3. One greenhouse is quite enough for anyone sane. You obviously have too much time on your hands. But cedar – you can’t beat it. Doesn’t rot, smells wonderful.


  4. Couldn’t open the photos last night when I read your post on the phone. That’s a very smart greenhouse and I love the idea of it smelling great. It’s huge and I am rather envious. 😉 Loving the sound of the ratatouille. I’ve got my fingers crossed for a gorgeous summer so you can dine al fresco. WW


    • I know, WW. The idea of a fine summer is almost beyond my imagination after last year. I’m determined though it is going to be a super summer – so there! It’ll happen (possibly) . Dave


  5. Wow, a new greenhouse, a BIG new greenhouse, lucky you with lots more room to play in!! You will be able to grow anything you want in there, will look forward to your posts!


    • Hi Pauline, yes it will be good. As big as the original greenhouse was, 8 tomato plants and four cucumbers filled up the bed. Having said that, I realise that most people’s ‘houses are much smaller than these. Dave


  6. How very handsome they look in all their cedary splendour. And less fighting for border space for those ratatouille ingredients, unlike our poor shoehorned greenhouse. Ahh summer, make it a good one this year!


  7. Such fun, I’ll book my flight for the ratatouille! and I haven’t given up wine, so count me in. Or on the otherhand if you summer is cold you can come here and taste mine! I have one yellow pepper that’s been growing in the greenhouse all winter. Christina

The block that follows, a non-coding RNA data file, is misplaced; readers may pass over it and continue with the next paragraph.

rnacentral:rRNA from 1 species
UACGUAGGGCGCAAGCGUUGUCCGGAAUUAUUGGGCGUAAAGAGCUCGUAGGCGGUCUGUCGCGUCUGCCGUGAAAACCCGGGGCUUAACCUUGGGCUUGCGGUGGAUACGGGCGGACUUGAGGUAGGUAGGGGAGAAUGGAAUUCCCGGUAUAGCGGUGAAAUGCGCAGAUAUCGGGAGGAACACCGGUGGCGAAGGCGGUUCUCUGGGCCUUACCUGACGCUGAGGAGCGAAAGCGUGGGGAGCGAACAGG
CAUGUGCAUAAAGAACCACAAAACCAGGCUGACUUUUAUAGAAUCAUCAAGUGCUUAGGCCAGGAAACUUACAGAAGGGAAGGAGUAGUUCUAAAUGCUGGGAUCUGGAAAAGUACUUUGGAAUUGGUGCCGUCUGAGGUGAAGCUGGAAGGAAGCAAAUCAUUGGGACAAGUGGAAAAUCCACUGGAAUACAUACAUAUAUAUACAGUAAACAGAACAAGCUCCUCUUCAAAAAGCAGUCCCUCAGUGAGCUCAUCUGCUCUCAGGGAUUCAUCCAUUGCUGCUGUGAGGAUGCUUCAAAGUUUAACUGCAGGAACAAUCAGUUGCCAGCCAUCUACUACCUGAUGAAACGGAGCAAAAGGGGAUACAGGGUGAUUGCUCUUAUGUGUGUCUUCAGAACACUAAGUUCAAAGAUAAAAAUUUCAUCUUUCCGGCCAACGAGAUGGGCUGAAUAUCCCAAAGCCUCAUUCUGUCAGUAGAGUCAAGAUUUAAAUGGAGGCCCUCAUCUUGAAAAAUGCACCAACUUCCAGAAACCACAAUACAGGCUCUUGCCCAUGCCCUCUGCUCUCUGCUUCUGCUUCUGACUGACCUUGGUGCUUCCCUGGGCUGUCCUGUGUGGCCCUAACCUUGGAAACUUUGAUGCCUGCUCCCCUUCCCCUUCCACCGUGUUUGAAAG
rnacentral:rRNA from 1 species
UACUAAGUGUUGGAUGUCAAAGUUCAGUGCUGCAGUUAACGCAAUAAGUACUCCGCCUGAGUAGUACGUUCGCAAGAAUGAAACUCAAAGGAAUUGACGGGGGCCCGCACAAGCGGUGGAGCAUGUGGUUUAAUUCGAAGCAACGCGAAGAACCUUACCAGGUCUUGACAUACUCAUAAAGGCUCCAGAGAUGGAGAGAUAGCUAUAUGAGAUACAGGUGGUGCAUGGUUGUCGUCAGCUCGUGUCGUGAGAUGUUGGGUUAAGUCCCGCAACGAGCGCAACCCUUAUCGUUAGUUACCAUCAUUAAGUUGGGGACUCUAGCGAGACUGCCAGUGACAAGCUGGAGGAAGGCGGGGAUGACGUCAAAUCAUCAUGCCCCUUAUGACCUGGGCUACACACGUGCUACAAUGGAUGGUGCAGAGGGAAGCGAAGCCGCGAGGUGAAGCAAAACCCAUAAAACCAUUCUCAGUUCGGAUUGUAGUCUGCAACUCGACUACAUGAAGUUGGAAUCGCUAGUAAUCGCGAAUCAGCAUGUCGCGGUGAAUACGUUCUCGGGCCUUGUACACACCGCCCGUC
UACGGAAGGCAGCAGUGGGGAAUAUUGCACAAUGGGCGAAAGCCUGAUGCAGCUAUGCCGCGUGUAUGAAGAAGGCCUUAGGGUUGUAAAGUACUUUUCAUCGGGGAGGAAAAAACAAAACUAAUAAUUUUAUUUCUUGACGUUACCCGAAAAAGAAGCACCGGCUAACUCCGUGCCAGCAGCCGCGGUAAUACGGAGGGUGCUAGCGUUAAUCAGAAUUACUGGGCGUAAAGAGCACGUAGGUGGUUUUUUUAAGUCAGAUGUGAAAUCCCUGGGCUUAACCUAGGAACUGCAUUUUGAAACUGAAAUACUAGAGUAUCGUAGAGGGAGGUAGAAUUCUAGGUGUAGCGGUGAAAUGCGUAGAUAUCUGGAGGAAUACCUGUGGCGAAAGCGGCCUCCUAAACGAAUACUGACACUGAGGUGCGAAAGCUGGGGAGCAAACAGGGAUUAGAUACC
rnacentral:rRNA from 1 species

8. Thats it I’m not talking to you – one cedar wood large greenhouse is bad enough but two, well that is just outrageous.


  9. Do you mean inside the greenhouse? It reminds me of the first greenhouse I ever saw. It was a little one in my uncle’s garden, they used to sit in it on deckchairs at the weekend, there was just room for a few tomato plants and they loved it. It was in Scotland, of course.


    • Hi Amelia, sorry – I’m not sure what you meant re ‘inside the greenhouse.’ I spend all my tea-breaks and lunchtimes in the greenhouse (unless it is too hot of course). And miss it when I’m working at my other garden which has nowhere to go and warm up. Dave


      • I have never had a greenhouse and I have a very channneled mind. What I mean is I’ve always thought you only used them for keeping plants in. It is quite a revalation for me to think about actually spending time and tea-breaks in a greenhouse. We used to love the enormous winter gardens at Duthie Park in Aberdeen and Kew, of course, but I never made the connection that having a greenhouse in the garden was the same thing in miniature. All the adverts in the gardening magazines for greenhouses make more sense now. I thought it was an awfully expensive way to raise tomato plants.


        • Ah, OK – I see. Well, yes I use the greenhouse for all those things and an office too. It has a chair and the benching is at desk height, you see. I can sit and make lists and planting plans, whilst gazing out onto the surrounding fields and supping my tea (the greenhouse has a kettle and heater as well). And I do my potting and seed sowing in there. It is the only place to be! Dave


  10. Count me in for the ratouille, though having stupidly decided to declare 2013 a booze-free year, I will bring something fruity instead. Magnificent greenhouse, I love the way they are lined up, I bet you could do something exciting down the side borders to hint at a railway platform… So many exciting new opportunities with two. And ready in perfect time for the Spring frenzy!


    • Hi Janet, I am going to plant something along the side of the ‘houses but it’ll need to be something not too labour intensive. I was thinking green and red dogwoods but haven’t decided yet. Booze-free year? A concept I do not understand. D